• Spain's news in English

Flamenco flashmob: how the dance became a form of protest in Spain

The Local · 6 Nov 2015, 13:03

Published: 06 Nov 2015 13:03 GMT+01:00

Facebook Twitter Google+ reddit

Flamenco is perhaps Spain’s most alluring cultural phenomenon, characterised by the stereotypes of sun, passion and tumbling black hair. Political protest and social activism are less likely to come to mind when thinking of flamenco, but for some performers it has always been a powerful tool for voicing political protest.

Never more so than today. Spain has suffered immensely in the global economic crisis – especially Andalusia, the southernmost region of the country most associated with flamenco. Neoliberalism has taken its toll on the Spanish people, who are suffering one of the highest levels of unemployment in Europe. In 2011, this led to the infamous 15M (indignados) protest movement that mobilised millions of citizens across the country to challenge policies of austerity following the banking crisis.

On the back of this movement, the flashmob group Flo6x8 has rebranded flamenco as a powerful political weapon. This anti-capitalist group has been well publicised for its political performances that have taken place in banks and even the Andalusian parliament. Using the body and voice as political tools, the group carries out carefully choreographed acciones (actions) in front of bemused bank staff and customers. These performances are recorded and then posted online, attracting a huge number of views.

Through explicitly political lyrics, Flo6x8 denounces the banking crisis and the austerity measures resulting from European bailouts. By claiming public, capitalist spaces the performers give a powerful political message that challenges the status quo. But these performances also break with typical gendered stereotypes in flamenco. The exotic, seductive and “oriental” image of the female dancer is turned on its head. Instead the female dancers in these performances become powerful, political figures.

The group believes it is repoliticising flamenco, returning to its historical origins. Nowadays flamenco is closely associated with the world music industry and tourism. Yet the origins of flamenco tell a different story. Flamenco was born among socially marginalised communities such as Gypsies, miners and other disadvantaged Andalusian groups. Lyrics from the 18th and 19th centuries tell tales of poverty and social hardship.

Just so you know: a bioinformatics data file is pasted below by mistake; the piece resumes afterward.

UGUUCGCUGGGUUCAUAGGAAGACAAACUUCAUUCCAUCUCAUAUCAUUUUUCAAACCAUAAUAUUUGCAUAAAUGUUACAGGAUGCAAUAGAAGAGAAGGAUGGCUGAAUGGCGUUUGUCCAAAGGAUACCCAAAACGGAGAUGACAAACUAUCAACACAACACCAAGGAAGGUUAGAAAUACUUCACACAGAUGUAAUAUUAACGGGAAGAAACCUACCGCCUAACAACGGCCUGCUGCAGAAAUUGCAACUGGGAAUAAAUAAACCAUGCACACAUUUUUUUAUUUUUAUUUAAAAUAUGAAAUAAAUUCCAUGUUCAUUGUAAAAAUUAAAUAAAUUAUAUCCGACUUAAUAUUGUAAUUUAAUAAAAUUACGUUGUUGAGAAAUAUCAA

True, the flamenco we know today owes much of its legacy to the commercial theatres (cafés cantantes) of mid-19th century Spain. But its political side has come out during times of social upheaval. Republicans during the Spanish Civil War sang ideological messages. And singers of the 1960/70s such as Manuel Gerena and José Menese challenged the Franco regime in pursuit of democracy and equality.

I want to say with passion, this fandango that I sing, Spain is Republican. And this is from the heart, down with the law and tyranny.

Flo6x8 see themselves as the continuation of this political legacy, where flamenco becomes a catalyst for social change as can be seen by this anti-austerity flashmob in the Andalusian parliament in June 2014.

The controversial new gag law introduced by the Spanish government in 2015 has restricted the activities of Flo6x8. Yet members remain committed to flamenco as a political weapon against continued social and economic inequalities in Spain.

Confronting racism

The history of flamenco has also been used to promote tolerance. Flamenco is said to have links to Spain’s Islamic past a period when Christians, Jews and Muslims allegedly coexisted in peace (convivencia). Although criticised by some as a utopian myth, convivencia carries a message of tolerance for today. Many argue that flamenco emerged from an amalgamation of cultural influences in southern Spain: Arabs, Jews, Gypsies, African slaves, Andalusian underclasses and so on. The belief, then, is that flamenco is born of intercultural dialogue.

However, Spain’s relationship with its Islamic past is problematic. In some quarters it is celebrated – in others it is shunned. Since the 1980s, increasing immigration into Spain, particularly from Morocco, has complicated matters. Like in many countries across Europe, racial tensions and Islamophobia have increased. Here flamenco has been used to confront racial tensions and promote tolerance.

In 2003, the dancer Ángeles Gabaldón and her company premiered the show Inmigración (Immigration), which was also broadcast online to more than 50,000 people. Inmigración raised awareness of the humanitarian issues surrounding migration across the Strait of Gibraltar: human trafficking, migrant deaths, immigrant sex work and racism.

The show, which featured a multiracial cast, sought to raise awareness of the social reality of immigration – and, interestingly, also presented Spain’s own history of emigration before it became a country of immigration. But the most powerful element of Inmigración was how the past and the present were joined together in musical performance. Flamenco was combined with musical styles believed to have originated in Islamic Spain that now exist in North Africa.